South Dakota

Tax incentive evaluation ratings

Tax Incentive Evaluation Ratings: South Dakota

Rating: Trailing

Key points:

  • South Dakota is trailing other states because it has not adopted a plan for regular evaluation of tax incentives.
  • Evaluations would help legislators make decisions about incentives such as determining funding for the Building South Dakota program.
  • The state relies more on grants and loans than tax incentives, so an evaluation process could include analyzing the results of these cash programs.

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In 2013, South Dakota created a suite of economic development and housing programs—including tax incentives, grants, and loans—collectively known as Building South Dakota. A year later, lawmakers committed $30 million to these programs through 2016.a With those three years of funding ending, policymakers began in late 2016 to discuss how much money should be committed to Building South Dakota going forward.b

While state agencies are required to report some information on Building South Dakota’s programs, the initiative has not been formally evaluated. Nor does South Dakota have a regular evaluation process in place. As a result, lawmakers are forced to make decisions about incentives without high-quality analysis of how well the programs are working.

Tax incentives are a less significant part of South Dakota’s economic development portfolio than for other states. Instead, South Dakota has relied more heavily on grants and loans. One of the state’s largest incentives is the Revolving Economic Development and Initiative (REDI) Fund, which offers low-interest loans to businesses and local economic development organizations. In 2015, South Dakota provided $20 million in loans from the REDI Fund.c Likewise, South Dakota’s most conspicuous economic development setback in recent years—the 2013 bankruptcy of a $115 million beef processing plant only months after it opened—involved cash incentives, rather than tax incentives.d (The plant later reopened under new owners.)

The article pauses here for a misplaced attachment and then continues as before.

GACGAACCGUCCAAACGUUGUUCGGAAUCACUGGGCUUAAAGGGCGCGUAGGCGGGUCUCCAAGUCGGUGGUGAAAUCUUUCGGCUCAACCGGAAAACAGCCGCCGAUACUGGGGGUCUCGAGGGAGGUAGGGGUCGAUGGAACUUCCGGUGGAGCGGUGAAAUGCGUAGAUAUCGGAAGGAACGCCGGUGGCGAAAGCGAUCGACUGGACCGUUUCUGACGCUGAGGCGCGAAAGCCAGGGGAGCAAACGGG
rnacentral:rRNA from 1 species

Given South Dakota’s emphasis on cash incentives, lawmakers could follow the example of other states, such as Florida, Minnesota, and Oklahoma.Those states evaluate tax and cash incentives alike, an approach that ensures that policymakers have information on the results of the full range of state economic development programs.

Endnotes

  1. Sioux Falls Area Chamber of Commerce, “Issue Brief: Building South Dakota Fund” (December 2014), http://www.siouxfallschamber.com/publications/Building%20South Dakota%20Fund_final_2014_Dec.pdf.
  2. Patrick Anderson, “Housing Cash Running Low, Advocates Concerned,” Argus Leader, updated Oct. 17, 2016, http://www.argusleader.com/story/news/2016/10/16/housing-funds-future-uncertain/91990336.
  3. South Dakota Governor’s Office of Economic Development, “Annual Report” (2015), 33, http://sdreadytowork.com/SouthDakota/media/SouthDakota/docs/pubs/ AnnualReport/2015-GOEDAnnualReport.pdf.
  4. Dirk Lammers, “State Help for Northern Beef Was About $4.3M,” Capital Journal, April 17, 2014, http://www.capjournal.com/news/state-help-for-northern-beef-was-about-m/article_cdef52f0-c5fe-11e3-a6a3-001a4bcf887a.html.
  5. Florida Stat. Ann. § 288.0001, http://www.leg.state.fl.us/statutes/index.cfm?App_mode=Display_Statute&Search_String=&URL=0200-0299/0288/Sections/0288.0001.html; Minn. Stat. Ann. § 3.9735, https://www.revisor.mn.gov/statutes/?id=3.9735; Oklahoma Stat. § 62-7001–7005, http://webserver1.lsb.state.ok.us/OK_Statutes/CompleteTitles/os62.rtf.
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Improving Tax Incentives for Jobs and Growth

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Tax incentives—including credits, exemptions, and deductions—are one of the primary tools that states use to try to create jobs, attract new businesses, and strengthen their economies. Incentives are also major budget commitments, collectively costing states billions of dollars a year. Given this importance, policymakers across the country increasingly are demanding high-quality information on the results of tax incentives.